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Vol. 10. Issue 4.
Pages 217-218 (October - December 2017)
Vol. 10. Issue 4.
Pages 217-218 (October - December 2017)
Letter to the Editor
DOI: 10.1016/j.rpsmen.2017.10.009
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Professional training in motivational interviewing as a strategy to overcome the therapeutic nihilism in smoking
Capacitación profesional en entrevista motivacional como estrategia para superar el nihilismo terapéutico en tabaquismo
Omar Walid Muquebil Ali Al Shaban Rodrígueza,
Corresponding author

Corresponding author.
, Enrique Álvarez de Morales Gómez-Morenob, Sergio Ocio Leónc, Mario Javier Hernández Gonzálezc, Manuel Gómez Simónc, María Aida Fernández Menéndezd
a Servicio de Psiquiatría, Hospital Universitario San Agustín, Avilés, Asturias, Spain
b Centro de Salud Mental El Coto, Gijón, Asturias, Spain
c Centro de Salud Mental de Mieres, Mieres, Asturias, Spain
d Monash University, Melbourne, Australia
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Dear Editor,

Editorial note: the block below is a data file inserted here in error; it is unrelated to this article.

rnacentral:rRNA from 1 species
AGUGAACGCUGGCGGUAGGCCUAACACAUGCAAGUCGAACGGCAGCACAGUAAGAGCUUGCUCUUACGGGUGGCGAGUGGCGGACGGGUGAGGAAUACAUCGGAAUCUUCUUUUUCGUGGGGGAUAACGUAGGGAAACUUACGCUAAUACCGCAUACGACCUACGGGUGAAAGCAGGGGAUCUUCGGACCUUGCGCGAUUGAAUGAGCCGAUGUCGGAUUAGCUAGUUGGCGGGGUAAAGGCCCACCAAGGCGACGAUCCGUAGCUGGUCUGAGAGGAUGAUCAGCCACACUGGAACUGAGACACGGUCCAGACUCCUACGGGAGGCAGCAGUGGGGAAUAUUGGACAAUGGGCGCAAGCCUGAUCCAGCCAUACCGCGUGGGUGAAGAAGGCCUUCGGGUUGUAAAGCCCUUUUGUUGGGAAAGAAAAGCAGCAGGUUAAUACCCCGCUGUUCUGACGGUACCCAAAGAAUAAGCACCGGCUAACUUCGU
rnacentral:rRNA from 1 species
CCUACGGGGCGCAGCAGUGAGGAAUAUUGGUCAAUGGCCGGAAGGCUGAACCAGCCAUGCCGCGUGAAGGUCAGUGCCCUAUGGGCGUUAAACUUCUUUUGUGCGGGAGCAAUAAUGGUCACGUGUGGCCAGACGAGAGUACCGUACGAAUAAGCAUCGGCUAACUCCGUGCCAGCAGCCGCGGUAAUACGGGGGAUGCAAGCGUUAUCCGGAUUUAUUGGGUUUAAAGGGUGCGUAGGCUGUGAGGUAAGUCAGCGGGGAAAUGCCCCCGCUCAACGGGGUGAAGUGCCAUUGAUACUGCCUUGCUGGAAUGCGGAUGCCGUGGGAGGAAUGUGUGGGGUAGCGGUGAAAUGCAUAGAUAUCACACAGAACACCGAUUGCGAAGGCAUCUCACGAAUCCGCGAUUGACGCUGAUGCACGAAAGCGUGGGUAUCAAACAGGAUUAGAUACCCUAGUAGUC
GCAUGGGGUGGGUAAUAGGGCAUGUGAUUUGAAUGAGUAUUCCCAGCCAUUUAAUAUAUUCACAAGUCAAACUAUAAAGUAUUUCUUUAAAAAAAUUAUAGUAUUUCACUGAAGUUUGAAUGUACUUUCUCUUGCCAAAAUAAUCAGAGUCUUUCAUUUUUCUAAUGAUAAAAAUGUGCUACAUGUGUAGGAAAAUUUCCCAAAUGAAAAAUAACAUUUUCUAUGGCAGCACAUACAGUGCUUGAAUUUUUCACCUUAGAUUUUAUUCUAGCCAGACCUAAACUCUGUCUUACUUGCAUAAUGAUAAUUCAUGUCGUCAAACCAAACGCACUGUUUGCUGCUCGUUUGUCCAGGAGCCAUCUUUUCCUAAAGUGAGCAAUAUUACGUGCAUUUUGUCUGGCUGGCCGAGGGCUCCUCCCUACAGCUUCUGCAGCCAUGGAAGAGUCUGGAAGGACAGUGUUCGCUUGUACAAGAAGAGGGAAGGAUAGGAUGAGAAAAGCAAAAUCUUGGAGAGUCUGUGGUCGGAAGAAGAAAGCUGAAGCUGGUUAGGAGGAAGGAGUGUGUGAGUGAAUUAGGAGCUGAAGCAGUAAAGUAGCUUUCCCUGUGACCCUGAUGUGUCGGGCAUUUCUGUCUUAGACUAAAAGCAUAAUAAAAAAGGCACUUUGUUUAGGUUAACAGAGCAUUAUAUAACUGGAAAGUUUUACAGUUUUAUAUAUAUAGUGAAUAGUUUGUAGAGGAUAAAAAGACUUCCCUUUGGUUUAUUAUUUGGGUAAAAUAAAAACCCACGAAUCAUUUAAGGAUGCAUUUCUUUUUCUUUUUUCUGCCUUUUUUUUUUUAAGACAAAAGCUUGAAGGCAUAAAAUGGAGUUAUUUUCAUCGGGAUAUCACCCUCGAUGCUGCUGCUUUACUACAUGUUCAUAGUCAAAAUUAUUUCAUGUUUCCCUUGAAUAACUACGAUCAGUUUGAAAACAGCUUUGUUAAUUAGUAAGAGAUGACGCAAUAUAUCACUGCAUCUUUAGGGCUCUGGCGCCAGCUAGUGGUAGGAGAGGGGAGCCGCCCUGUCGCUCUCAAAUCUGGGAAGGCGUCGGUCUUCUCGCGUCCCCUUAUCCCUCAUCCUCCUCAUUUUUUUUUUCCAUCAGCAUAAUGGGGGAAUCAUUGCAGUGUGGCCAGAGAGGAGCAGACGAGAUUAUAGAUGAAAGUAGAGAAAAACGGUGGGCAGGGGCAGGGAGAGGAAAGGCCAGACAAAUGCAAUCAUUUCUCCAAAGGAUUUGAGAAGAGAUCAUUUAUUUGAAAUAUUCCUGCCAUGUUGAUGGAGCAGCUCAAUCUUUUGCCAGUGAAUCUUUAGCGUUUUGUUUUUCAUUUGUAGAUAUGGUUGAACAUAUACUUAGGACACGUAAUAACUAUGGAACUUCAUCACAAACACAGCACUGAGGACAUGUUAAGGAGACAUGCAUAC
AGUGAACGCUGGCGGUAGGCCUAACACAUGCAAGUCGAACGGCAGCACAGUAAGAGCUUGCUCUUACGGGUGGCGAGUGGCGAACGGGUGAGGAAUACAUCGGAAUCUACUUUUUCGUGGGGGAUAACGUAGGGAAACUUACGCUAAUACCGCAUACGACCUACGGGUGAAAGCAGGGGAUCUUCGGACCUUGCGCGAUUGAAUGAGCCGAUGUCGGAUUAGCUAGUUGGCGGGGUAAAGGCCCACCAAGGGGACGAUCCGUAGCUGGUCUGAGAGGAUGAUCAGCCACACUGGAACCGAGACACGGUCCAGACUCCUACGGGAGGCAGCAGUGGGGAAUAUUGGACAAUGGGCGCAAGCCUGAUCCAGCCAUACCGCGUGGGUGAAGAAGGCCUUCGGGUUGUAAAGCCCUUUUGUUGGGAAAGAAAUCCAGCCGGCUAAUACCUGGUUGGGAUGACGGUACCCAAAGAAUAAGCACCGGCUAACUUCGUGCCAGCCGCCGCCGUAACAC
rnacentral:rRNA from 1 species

Only 58% of healthcare professionals in Spain consider nicotine addiction to be a chronic disease. In spite of this, in our country these professionals are generally becoming increasingly involved in controlling and preventing nicotinism.1 In our surgeries we see one of the population segments with the highest rates of prevalence and for whom smoking is, if possible, more harmful2 (smoking more cigarettes per day, with higher plasma levels of nicotine and greater dependency than the general population, among other factors). I carefully read and reflected on the recent editorial in this journal, “Smoking cessation programs for individuals with schizophrenia: an urgent and unmet need”.2 We are able to use the whole pharmacological therapeutic arsenal now that the European Medicine Agency (EMA) has withdrawn its warning about the possible risk of suicide with varenicline. This is due to the results of the EAGLES3 study (a fact that now has to consolidate among professionals, as the warning given by the highest authority in clinical safety may be foreseen to be hard to revert). Studies are now available which accredit the efficacy and feasibility of intervening, especially in this population.4 The authors raised the challenge of asking what more would have to be done to motivate managers and doctors to cease old habits (along the lines of the always correct ethical reflections of Lolas-Stepke in this journal5). Smoking cessation should be included as a care objective at the level it deserves in terms of health and ethics (and efficiency for managers). However, among the barriers cited in this relevant editorial, we missed one that may be of key importance in overcoming these prejudices in care: training in motivational interviews, an approach that has proven its usefulness in many areas to encourage healthy behavior. Empirically it is a highly effective way of giving medical advice and improving compliance with therapy.6 We know how effective advice or short interventions are, as well as cessation rates using nicotine replacement therapy, bupropion and varenicline7 (always in combination with psychological and social support). Thanks to initiatives such as the Socidrogalcohol “Autumn School”, which runs workshops for beginners and more advanced levels in this field, healthcare professionals in different fields are developing the motivational spirit. Working on nicotine abuse means working on an addiction, and therefore involves working on a chronic condition. It is necessary to increase training in the field of addiction from university onwards, to overcome the stigma of care. It is also necessary to give professionals the tools they need to overcome the frustration of dealing with patients who have often been smoking for years and have never attempted cessation. They often seem (and in fact, are) impermeable or completely unreceptive to cessation advice,8 and there is an urgent need for the system to accept the need to attain the care goals proposed.